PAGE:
The Speaking Picture Book (1893) by Theodore Brand

Image of the front cover of The Speaking Picture Book. The red cover is framed by a faded black border that uses leaf and floral elements, the pattern is repetitive and symmetrical. The inner border is white with the same black floral pattern. The corners are more lavish and have solid orange circles with 6-petal flowers. The center of the cover is of a young girl reading a book with her dog. They are sitting against the trunk of a tree with full, green leaves – a couple of robins sit in the branches. The green grass is a bit overgrown, with a rose garden nearby. A family of white doves peck at the ground in the foreground. The child is wearing an orange dress, grey knee-high socks, and simple black shoes. Her hair is brown and in a curly ponytail. In her lap, she is reading a picture book and holding a doll that looks like her. To her left is a ball and a wicker basket of cookies. To her right is her dog, which looks like a Cavalier King Charles Spaniel with a reddish-brown coat, a white chest, and white front legs. Above the image of the girl and her dog is the title, The Speaking Picture Book, in golden-yellow lettering.
Image of page 3 from The Speaking Picture Book. The left page is of The Lamb, artist unknown but maybe Theodore Brand. The Lamb is white, and the artist painted the soft texture of his coat. The Lamb is walking through a green field, through wildflowers in shades of red, orange, yellow, and blue. The Lamb is looking to his left with his mouth slightly open. He is wearing a blue collar with a golden bell. The background is of a wildly growing oak tree, the leaves in various shades of green and red. The oval portrait is framed by a simple golden-yellow rectangular frame, the corners look like carved wood, almost like ram horns, but in the same golden-yellow color. The corners are orange with greenery and white flowers. The right page is text, the poem is titled ‘The Lamb’ and reads: Naughty little lamb, now you have lost your way; If you had listened to Mama and heard what she did say; You would not cry so sad all day: mah, mah, mah, mah! In the right margin, there is an arrow that points to a tassel that would be hanging off the right side of the book. When someone pulls the tassel, the instrument hidden inside makes a ‘mah’ sound, similar to a young lamb.
Image of the internal mechanism of The Speaking Picture Book. The compartment is about two inches deep and split into three columns. Each compartment holds two or three bellows made of light-colored wood and paper, probably cardboard. Six out of seven bellows have been repaired with blue painter's tape. Several bellows have been hot-glued back together or secured to the wall of their respective compartments. Each bellow has a different-sized nozzle respective to the sound it would have made.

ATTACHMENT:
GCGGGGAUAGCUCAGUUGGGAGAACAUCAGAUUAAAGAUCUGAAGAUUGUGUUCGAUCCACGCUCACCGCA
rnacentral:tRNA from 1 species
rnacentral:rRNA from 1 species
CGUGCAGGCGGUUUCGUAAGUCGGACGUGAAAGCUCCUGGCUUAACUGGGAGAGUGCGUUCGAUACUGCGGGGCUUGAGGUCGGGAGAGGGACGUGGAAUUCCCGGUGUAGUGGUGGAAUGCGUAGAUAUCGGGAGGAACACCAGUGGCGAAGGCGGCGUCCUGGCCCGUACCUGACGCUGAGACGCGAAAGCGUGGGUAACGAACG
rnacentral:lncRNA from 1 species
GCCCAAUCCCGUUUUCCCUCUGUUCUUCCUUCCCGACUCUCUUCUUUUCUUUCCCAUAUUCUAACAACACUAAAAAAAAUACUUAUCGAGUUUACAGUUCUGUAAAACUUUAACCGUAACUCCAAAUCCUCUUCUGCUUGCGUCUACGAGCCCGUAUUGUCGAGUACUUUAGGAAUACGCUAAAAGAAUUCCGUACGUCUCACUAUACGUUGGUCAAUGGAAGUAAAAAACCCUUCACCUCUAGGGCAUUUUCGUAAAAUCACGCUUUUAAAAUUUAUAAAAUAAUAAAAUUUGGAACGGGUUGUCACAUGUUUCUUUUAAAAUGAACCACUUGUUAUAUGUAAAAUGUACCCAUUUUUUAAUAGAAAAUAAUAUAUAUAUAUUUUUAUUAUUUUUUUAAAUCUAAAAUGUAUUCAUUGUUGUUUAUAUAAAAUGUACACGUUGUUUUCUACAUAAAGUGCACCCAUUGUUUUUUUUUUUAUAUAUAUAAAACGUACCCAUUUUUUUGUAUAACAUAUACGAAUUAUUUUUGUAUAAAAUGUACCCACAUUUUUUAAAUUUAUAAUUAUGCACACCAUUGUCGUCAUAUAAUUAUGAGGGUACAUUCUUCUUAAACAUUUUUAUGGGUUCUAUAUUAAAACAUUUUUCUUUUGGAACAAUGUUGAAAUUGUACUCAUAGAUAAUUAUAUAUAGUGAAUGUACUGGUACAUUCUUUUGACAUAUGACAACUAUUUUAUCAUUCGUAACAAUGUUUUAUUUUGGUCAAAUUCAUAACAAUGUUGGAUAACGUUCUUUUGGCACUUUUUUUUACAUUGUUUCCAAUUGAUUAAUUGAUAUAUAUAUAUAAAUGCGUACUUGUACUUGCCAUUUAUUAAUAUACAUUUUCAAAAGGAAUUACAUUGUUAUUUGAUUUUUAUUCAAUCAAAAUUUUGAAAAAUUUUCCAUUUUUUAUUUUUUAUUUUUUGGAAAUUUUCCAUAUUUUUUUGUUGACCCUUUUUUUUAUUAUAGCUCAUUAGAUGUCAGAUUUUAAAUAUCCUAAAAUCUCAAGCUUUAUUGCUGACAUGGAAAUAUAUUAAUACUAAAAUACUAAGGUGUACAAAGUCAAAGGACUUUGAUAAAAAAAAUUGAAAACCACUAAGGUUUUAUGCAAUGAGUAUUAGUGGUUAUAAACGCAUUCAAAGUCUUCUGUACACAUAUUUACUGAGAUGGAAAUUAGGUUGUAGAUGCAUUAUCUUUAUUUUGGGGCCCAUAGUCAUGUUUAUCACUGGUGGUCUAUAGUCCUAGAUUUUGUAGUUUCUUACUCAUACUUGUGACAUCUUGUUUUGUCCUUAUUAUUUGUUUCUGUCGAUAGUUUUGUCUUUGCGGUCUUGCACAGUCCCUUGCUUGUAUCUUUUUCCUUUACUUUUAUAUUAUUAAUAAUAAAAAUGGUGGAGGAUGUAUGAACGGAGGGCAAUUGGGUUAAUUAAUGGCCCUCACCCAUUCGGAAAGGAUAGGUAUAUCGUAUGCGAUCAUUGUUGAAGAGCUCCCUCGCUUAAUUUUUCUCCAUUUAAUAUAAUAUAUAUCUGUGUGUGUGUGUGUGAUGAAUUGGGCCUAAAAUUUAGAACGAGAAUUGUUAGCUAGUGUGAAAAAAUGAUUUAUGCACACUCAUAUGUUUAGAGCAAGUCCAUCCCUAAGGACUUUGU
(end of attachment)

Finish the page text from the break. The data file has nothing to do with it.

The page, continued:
Nineteenth-century Europe saw soaring literacy rates in their adults, but parents also wanted their children to read. As a result, several notable books were published, like Alice's Adventures in Wonderland (1865) and Orbis Sensualium Pictus (1658). People then became interested in the possibility of there being art in books, and how it would influence young readers. This is where people like Randolph Caldecott and Kate Greenaway came onto the scene, working to create eye-catching illustrations to accompany familiar words. Toy books, like pop-up and speaking picture books, were introduced and quickly became an entertaining way to introduce children to reading. Originally published in Nuremberg, Germany, in 1893, The Speaking Picture Book was the first of its kind. While originally published in German, it was also produced in English, French, and Spanish. F. A. O. Schwartz – a still famous New York toy store – distributed it in America; while H. Grevel & Co. handled the European market with ease.

Inside, there are 8 full-color illustrations of a rooster, a donkey, a lamb, birds, a cow, a cuckoo bird, a goat, and Mamma and Papa, each faced by a page of text in verse. On every page margin, there is an arrow that points to a string that is pulled to operate the mechanism hidden inside the book. When you pull and release the appropriate string, you are greeted by the sound representative of the illustration – the cow moos and the birds chirp!

How does it work? Think of an accordion. When you pull the string, a small bellow fills with air; when you release it, it compresses and air passes through nozzles and reeds, creating the appropriate sound. Unfortunately, the de Grummond copy has seen some wear and tear in its 131 years of existence, and not every mechanism works properly. Before coming to us, someone tried to repair the bellows with hot glue and painter's tape, and it is because of this repair that the book is still somewhat operational. Time has been rough to this amazing book, but it is still amazing. Watch this video on our Instagram (@usmdegrum) to see – or, rather, hear – this book in action!

An 1893 copy of The Speaking Picture Book is housed with the de Grummond Children's Literature Collection, call number PZ 8.3 .S73 1893. For more information on this item, contact Marge Sauls at .
Haining, P. (1979). Movable books an illustrated history: Pages and pictures of folding, revolving, dissolving, mechanical, scenic, Panoramic, dimensional, changing, pop-up and other novelty books from the collection of David ANF Briar Philips. New English Library.

Text by Marge Sauls, Collections Specialist of the de Grummond Children's Literature Collection.